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President Biden wants to increase the tax on dividends.  I find this a bit shortsighted; since he apparently has never invested in the stock market throughout his life (can this be true?) The value of those dividends is then an unknown entity. Not all have federal pensions from multiple government jobs.

Thus the effect of a dividend tax increase would not be limited to just the US millionaires. The Internal Revenue Service data show that some 27 million tax filers received qualified dividends in 2018, and more than half had adjusted gross incomes of less than $100,000. Another 27% had an adjusted gross income between $100,000 and $200,000.

Of the $244 billion in qualified dividends distributed in 2018, more than 14% went to taxpayers earning less than $100,000. Around 30% were received by taxpayers with incomes below $200,000, and only 40% of qualified dividends were paid to taxpayers with incomes of $1 million or higher.

The importance of dividends as a safe stream of income to my client and other retirees is widely known. Holding a share of your retirement savings in dividend-paying stocks not only allows you to increase your savings, but also protects against inflation, which is becoming a bigger threat.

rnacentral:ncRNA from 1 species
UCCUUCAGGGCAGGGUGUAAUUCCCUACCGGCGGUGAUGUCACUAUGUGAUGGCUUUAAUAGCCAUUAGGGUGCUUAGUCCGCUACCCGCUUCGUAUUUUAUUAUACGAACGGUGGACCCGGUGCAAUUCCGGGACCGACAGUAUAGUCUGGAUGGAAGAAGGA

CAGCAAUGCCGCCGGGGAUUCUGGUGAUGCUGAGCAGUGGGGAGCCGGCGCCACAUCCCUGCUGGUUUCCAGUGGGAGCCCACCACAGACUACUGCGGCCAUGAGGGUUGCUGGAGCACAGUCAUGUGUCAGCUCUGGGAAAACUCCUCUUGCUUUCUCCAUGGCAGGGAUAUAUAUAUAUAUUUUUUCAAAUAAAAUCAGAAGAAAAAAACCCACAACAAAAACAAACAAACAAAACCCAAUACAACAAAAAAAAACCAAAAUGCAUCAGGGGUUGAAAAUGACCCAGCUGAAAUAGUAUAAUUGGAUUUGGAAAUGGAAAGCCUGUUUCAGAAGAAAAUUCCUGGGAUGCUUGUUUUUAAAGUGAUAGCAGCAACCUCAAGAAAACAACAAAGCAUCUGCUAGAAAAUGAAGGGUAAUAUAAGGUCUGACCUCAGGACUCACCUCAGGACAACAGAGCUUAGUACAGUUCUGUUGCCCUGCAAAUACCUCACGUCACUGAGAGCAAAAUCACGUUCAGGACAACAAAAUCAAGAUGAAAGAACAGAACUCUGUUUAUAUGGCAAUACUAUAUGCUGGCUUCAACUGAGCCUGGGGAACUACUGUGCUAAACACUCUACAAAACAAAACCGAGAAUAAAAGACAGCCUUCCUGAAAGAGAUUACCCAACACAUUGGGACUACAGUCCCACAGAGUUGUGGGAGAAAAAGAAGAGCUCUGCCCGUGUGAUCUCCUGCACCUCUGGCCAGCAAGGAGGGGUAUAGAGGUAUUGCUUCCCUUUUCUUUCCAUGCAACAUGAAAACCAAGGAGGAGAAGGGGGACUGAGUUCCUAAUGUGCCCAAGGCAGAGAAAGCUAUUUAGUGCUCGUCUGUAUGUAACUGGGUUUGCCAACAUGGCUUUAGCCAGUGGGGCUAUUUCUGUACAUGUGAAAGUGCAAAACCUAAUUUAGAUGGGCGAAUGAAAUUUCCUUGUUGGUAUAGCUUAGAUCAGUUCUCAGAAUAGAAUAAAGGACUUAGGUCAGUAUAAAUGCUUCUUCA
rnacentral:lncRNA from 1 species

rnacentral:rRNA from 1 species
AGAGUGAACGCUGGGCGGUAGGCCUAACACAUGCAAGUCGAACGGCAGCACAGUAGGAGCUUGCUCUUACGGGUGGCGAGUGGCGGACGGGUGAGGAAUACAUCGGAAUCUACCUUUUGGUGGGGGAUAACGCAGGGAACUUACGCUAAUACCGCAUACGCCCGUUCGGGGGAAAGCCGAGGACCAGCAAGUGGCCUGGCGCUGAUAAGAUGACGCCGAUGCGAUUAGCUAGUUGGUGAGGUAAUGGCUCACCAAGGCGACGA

The IRS numbers highlight the importance of dividends for retired taxpayers and those nearing retirement. In tax year 2018, taxpayers over 55 accounted for 60% of tax returns with qualified dividends, and nearly 80% of all qualified dividends ($193 billion) were paid to this group.

The Biden administration’s proposed increase in taxes would push firms to reduce their dividend payments, hitting the pocketbooks of the millions of Americans who rely on dividends for emergency funds or retirement savings. This doesn’t even get into the effect on capital-intensive industries such as utilities and real-estate investment trusts, which rely on dividend payments to attract the investments they need to operate.

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